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To the Little Girl Who Cried When Someone Called Her 'Disabled'

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Recently a mother wrote to me after her daughter came home crying because someone close to her referred to her as “disabled.” Distraught as to how to console her daughter, but also confused as to why this word would hurt so much, the mother asked for my insight. This is what I wrote to her:

My heart breaks for your daughter, because I know exactly how she feels. The reason it hurts is because the word “disabled” has such a negative connotation, both in its literal meaning and in terms of what society thinks about people and children living with a disability. In many subtle and blatant ways, we are often treated and thought of as inferior, useless, weak, incapable, charity cases, unable, strange, deformed, embarrassing, not normal, shameful, etc. These mistruths are so difficult to break down. Even when we know they are not true about ourselves, it still hurts when people put us down, intentionally or unintentionally — especially when it is someone close to us.

I am so sorry this happened to both you and your daughter. Sadly, it won’t be the last time, but hopefully together we can set the stones to pave the path so one day it doesn’t. Another reason why being called “disabled” hurt her feelings may be because in her mind and heart, she is just herself. It may make her feel that just being herself is not good enough, and cause her to question herself. Tell her that I too have moments when people make me sad or self-conscious about my physical limitations or the way I walk. But I don’t let it sting too long, because I know people who use words to hurt others are often hurting inside themselves, and can’t see me for who I am. What they are thinking and feeling really has nothing to do with me.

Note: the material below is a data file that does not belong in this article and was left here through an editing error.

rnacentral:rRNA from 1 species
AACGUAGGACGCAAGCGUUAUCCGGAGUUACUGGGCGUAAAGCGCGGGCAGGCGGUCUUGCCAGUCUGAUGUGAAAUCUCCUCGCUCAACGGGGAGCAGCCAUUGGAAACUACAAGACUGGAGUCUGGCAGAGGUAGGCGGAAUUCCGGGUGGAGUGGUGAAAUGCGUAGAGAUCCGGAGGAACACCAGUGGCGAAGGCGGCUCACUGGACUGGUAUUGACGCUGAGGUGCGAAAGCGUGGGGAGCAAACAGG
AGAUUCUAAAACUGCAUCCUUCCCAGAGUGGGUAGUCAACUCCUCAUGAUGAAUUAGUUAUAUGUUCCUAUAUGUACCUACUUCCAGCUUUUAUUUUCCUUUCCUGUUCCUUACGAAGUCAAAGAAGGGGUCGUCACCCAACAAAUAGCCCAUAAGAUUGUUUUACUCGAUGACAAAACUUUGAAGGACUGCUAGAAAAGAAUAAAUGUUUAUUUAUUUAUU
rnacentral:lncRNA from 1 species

Here’s another way your daughter can look at it. The disability is not her cerebral palsy or the physical or cognitive impairments she might have. The “disability” is the intersection between those impairments and the barriers society and people put in front of her that make it more challenging to engage fully in every aspect of her life — not only physically, but socially and with a happy and confident disposition. The disability is not her cerebral palsy, it is the environmental barriers and the stigma and discrimination of others that make her feel bad, excluded, hurt and sad.

Looking at disability this way, where it is not the person but rather our environments that are disabled is called the Human Rights approach. This is how UNICEF works in this field. We always put the person first. So your daughter is not a disabled child. She is a child who lives with a disability. Does this make sense? And the fact that she does it with such prowess and sunshine makes her the champion she is. Any person who has the courage, confidence and maturity to ask others for help when they are in a moment of need is very powerful. They are going to bring a lot of good energy and love to their own life and to the lives of those around them.

Let me share with you that my beloved father, who blames himself for my condition, has taken years to learn how to talk about what is happening to me. Once, as we walked through a crowd, he said “Excuse us, we have a problem here. Please make some room.”

I immediately sat him down and explained, “Daddy, I am not a problem, and neither is my wobble. The day that I can no longer make you laugh is when we have a problem.”

He felt ashamed because he did not realize what he was implying, nor how it might make me feel. My father is my guiding grace, my everything; I revere and adore him. And because I love him so much and I know he loves me, I don’t get mad at him when he does not know the right words to use. I share with him what I too am learning day by day about this incredible journey.

So my last piece of advice, that I am so humbled you would reach out to me to request, is to encourage your daughter to educate the person who called her disabled, maybe in a letter or over the phone. Teach her the right words to use to describe cerebral palsy, and what disability really is. Let your daughter choose the words — words that make her feel proud to be unique and sensational just as she is.

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Originally published: October 11, 2016
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